If you do just these four things, you have come a long, long way. Your writing will improve fast and the quality of your stories will skyrocket. Till one day you notice… writing doesn’t feel clumsy anymore at all.

Now it feels effortless.

****

Got it, Alex.

Kristen here. Now tell me: What do you think of these four points? Is there something else that really helped you getting better at story writing? Why can it be so brutal to read your own story? Do you ever wish you weren’t in the room when you read it? Could you maybe say you have gone outside for a smoke? Do your characters even like you?

Remember that comments for guests get double love from me for my contest!

I love hearing from you!

To prove it and show my love, for the month of JULY, everyone who leaves a comment I will put your name in a hat. If you comment and link back to my blog on your blog, you get your name in the hat twice. What do you win? The unvarnished truth from yours truly. I will pick a winner once a month and it will be a critique of the first 20 pages of your novel, or your query letter, or your synopsis (5 pages or less).

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Alex Limberg is blogging on ‘Ride the Pen’ to help you boost your fiction writing. His blog dissects famous authors (works, not bodies). Polish your tales to greatness with his free ebook “44 Key Questions” to test your story. Shakespeare is jealous. Alex has worked as a copywriter and in the movie industry. He has lived in Vienna, Los Angeles, Madrid and Hamburg.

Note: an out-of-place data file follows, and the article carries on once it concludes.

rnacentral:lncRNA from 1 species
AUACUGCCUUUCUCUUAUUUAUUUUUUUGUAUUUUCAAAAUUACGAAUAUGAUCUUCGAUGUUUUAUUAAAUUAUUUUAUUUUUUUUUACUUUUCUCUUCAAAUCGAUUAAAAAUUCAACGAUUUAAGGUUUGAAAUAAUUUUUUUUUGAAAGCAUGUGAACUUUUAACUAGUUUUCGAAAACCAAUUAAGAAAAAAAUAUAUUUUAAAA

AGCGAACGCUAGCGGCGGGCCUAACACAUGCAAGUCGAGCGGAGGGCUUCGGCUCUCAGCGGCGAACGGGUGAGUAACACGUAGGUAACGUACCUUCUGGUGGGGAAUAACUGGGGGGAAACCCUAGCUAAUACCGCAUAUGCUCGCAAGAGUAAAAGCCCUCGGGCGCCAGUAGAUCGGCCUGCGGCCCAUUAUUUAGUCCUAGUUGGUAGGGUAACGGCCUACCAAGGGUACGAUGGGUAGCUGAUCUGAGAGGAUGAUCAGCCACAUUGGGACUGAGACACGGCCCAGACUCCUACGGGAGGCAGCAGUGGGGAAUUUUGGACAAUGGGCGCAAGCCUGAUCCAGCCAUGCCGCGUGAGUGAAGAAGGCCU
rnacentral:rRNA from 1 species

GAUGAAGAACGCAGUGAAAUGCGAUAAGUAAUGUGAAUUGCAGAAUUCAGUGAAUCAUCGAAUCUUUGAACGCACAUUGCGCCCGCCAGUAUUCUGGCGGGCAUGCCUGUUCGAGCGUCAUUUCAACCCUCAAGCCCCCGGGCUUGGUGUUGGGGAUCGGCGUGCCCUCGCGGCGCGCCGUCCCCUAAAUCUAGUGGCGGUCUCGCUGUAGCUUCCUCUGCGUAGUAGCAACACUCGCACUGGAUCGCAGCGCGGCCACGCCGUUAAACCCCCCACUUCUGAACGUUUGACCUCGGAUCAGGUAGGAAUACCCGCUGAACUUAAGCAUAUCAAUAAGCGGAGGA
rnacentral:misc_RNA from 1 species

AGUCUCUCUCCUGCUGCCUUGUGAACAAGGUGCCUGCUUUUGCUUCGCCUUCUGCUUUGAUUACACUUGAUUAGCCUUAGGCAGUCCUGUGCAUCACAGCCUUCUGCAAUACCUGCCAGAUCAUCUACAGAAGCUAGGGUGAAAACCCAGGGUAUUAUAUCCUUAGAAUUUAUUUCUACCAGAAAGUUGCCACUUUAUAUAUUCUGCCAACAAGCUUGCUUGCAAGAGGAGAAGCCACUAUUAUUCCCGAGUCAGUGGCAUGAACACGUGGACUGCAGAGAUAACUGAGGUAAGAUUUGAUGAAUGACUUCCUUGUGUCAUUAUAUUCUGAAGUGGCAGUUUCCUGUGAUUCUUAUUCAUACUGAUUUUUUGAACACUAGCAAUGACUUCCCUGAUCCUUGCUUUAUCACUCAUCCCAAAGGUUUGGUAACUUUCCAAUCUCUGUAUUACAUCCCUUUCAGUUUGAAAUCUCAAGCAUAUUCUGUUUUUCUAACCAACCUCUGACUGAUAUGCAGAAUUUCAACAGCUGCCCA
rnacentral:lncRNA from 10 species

Check out the other NEW classes below! 

All W.A.N.A. classes are on-line and all you need is an internet connection. Recordings are included in the class price.

Upcoming Classes

Blogging for Authors  (August 26th) will teach you all you need to know to start an author blog good for going the distance. Additionally I would also recommend the class offered earlier that same week (August 22nd) Branding for Authors to help you with the BIG picture. These classes will benefit you greatly because most blogs will fail because writers waste a lot of time with stuff that won’t work and never will and that wastes a lot of time.

I am here to help with that😉 .

We are doing ANOTHER round of Battle of the First Pages!!! August 5th

The first time we did this we had some tech issues doing this new format and we’ve since worked those out, but for now I am still keeping the price low ($25) until we get this streamlined to my tastes.

LIMITED SEATS. This is an open workshop where each person will submit his or her first page of the manuscript for critique. I will read the page aloud and “gong” where I would have stopped reading and explain why. This is an interactive workshop designed to see what works or what doesn’t. Are you ready to test your page in the fire?

Hooking the Reader—Your First Five Pages August 12th

The first five pages are the most essential part of the novel, your single most powerful selling tool. It’s how you will hook agents, editors and readers. This class will cover the most common blunders and also teach you how to hook hard and hook early. This class is 90 minutes long, 60 minutes of instruction and 30 minutes for Q&A.

Your First Five Pages Gold Level

This includes the webinar and a detailed critique your first five pages.

Your First Five Pages Platinum Level

This includes the webinar and a detailed critique of your first twenty pages.

Bullies & Baddies—Understanding the Antagonist September 2nd–September 2nd

All fiction must have a core antagonist. The antagonist is the reason for the story problem, but the term “antagonist” can be highly confusing. Without a proper grasp of how to use antagonists, the plot can become a wandering nightmare for the author and the reader.

This class will help you understand how to create solid story problems (even those writing literary fiction) and then give you the skills to layer conflict internally and externally.

Bullies & Baddies—Understanding the Antagonist Gold